Two South Bay women create flower power with a floral subscription service
They’re best buds.
- Written byEliza Krpoyan
- Photographed byLauren Pressey
In a time of virtual reality, multiple screens and AI, a sense of healing comes from green materials. “You’re torn—you like technology, but sometimes you just want to go on a hike, run in the woods or pick flowers,” explains Rhenee Bartlett, co-founder and COO of flower subscription company PetalFox. Gesturing like she’s touching a tangible item, founder and CEO Kelly Nyland adds, “What can you get your hands on that’s not screen-related?”
Flowers seem to be having a moment. Peonies, baby’s breath and pampas grass trend on social media. And unlike fiddle-leaf fig trees and, yes, even succulents, floral arrangements require zero maintenance. “The wonderful thing about flowers is that they don’t require anything from you,” says Kelly. “There’s an ephemerality built into a flower because it’s going to fade. There’s real beauty in embracing that.”
After working in corporate environments, Kelly—a mom and executive in technology for the past 15 years—conceived PetalFox. “I love flowers. It was simple,” Kelly shares. “Why can’t I have flowers in my space everyday?” she thought.
It would be a way of embracing femininity in a male-dominant workplace. “It’s also a way to have something in my space that reminded me that I was taking care of myself. I would look down at my nails and be like, ‘Okay, you haven’t done anything with those.’”
Across from her office at Snapchat was a wonderful florist she frequented. “I used to walk into this place where they had flowers everyday, and I started thinking, ‘What was the friction point for me having flowers in my office or more often in my life?’ And it didn’t really have to do with price … it had to do with the different stigma around getting flowers in the workplace and the convenience of that happening.”
The wonderful thing about flowers is that they don’t require anything from you. There’s an ephemerality built into a flower because it’s going to fade. There’s real beauty in embracing that.”
From there she thought about the customer experience and how she would like to get flowers. “The only thing I pay attention to in my life are my text messages,” admits Kelly. “I turn off all my other notifications on my phone.” She knew that she didn’t want to build an app. “Nobody needs another app. It’s just going to go into the app bin.”
Kelly enlisted the help of Rhenee (a Snapchat colleague) to create an accessible subscription and on-demand service on the user’s terms. PetalFox offers a “set it and forget it” subscription service where you choose the frequency of deliveries, and whether to “get it, gift it or skip it” at anytime. The price of each arrangement is $29.99 plus $5 flat-rate shipping. They deliver to eight states including California, New Mexico, Washington and Oregon.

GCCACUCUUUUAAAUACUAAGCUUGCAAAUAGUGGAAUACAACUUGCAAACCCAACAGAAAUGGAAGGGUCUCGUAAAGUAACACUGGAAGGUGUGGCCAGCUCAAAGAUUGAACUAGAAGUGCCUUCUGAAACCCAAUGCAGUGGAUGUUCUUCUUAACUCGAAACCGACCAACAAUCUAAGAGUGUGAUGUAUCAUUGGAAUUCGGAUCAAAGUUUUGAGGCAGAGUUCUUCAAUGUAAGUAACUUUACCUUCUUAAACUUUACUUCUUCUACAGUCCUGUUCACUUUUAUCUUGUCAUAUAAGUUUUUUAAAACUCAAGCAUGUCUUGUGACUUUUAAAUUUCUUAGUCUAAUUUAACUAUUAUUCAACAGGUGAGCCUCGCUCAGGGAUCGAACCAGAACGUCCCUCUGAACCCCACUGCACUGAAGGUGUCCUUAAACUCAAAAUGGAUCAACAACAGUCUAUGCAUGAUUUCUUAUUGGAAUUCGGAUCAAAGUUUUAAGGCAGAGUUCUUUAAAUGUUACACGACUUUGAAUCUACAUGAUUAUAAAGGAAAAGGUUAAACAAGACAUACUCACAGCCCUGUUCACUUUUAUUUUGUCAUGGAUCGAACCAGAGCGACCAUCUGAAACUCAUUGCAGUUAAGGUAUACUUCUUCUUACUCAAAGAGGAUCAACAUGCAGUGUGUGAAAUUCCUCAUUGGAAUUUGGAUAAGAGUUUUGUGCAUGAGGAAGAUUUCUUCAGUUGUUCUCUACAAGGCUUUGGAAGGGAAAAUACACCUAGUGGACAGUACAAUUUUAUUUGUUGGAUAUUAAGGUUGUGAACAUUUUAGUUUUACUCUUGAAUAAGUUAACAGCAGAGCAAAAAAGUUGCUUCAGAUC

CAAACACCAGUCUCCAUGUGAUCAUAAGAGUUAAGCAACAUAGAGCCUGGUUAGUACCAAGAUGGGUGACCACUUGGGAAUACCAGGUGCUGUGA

Another option is the text commerce experience. “You’ll sign up with your phone number, and then each week you’ll get a picture from us of a mood board with some lifestyle elements and the types of flowers that are shipping,” explains Kelly. If you want to get the arrangement or gift it to someone, you’ll be able to respond with a flower emoji or “Yes.” If you don’t want the arrangement, you won’t even have to reply. You can ignore the message.
“That’s the type of convenient experience I wanted in a subscription,” says Kelly, who had tried beauty and fashion subscriptions where she didn’t like or need the products. “I think technology should serve us. It should help create more convenience and not less convenience, which is how I feel about the subscription industry. It’s difficult at times with certain companies to cancel or get a refund or get out of something. You get locked in or there isn’t value there. I had a lot of negative experiences with that—and some positive—so I was really looking to bridge that gap.”
Bouquets are only the beginning. Kelly and Rhenee plan to build PetalFox into a lifestyle brand including home and fashion products. Kelly documents their entrepreneurial journey on their website as a source for other female entrepreneurs who are thinking about turning their side hustle into a dream job or looking to pioneer in an industry they don’t know.
“Rhenee and I have this incredible background of taking things that don’t exist and making them real and tangible,” says Kelly, who has brought more than 120 digital and physical products to market in 40 countries and launched 10 global brands. Over the course of 15 years, Rhenee has produced events and marketing campaigns for major brands including Pepsi and AT&T. Follow their journey as PetalFox continues to flourish and plant their entrepreneurial seeds.
Without uttering a word, Guy Dill’s abstract sculptures speak to me. As is the case with all meaningful art, this communication is a result of the work having a significant message to share. But it is also a direct consequence of the work’s ability to inspire intellectual and emotional responses from the onlooker. Guy’s art covers both of these bases. So when I get into dialogue with one of this master sculptor’s compelling configurations, I find myself never wanting the conversation to end.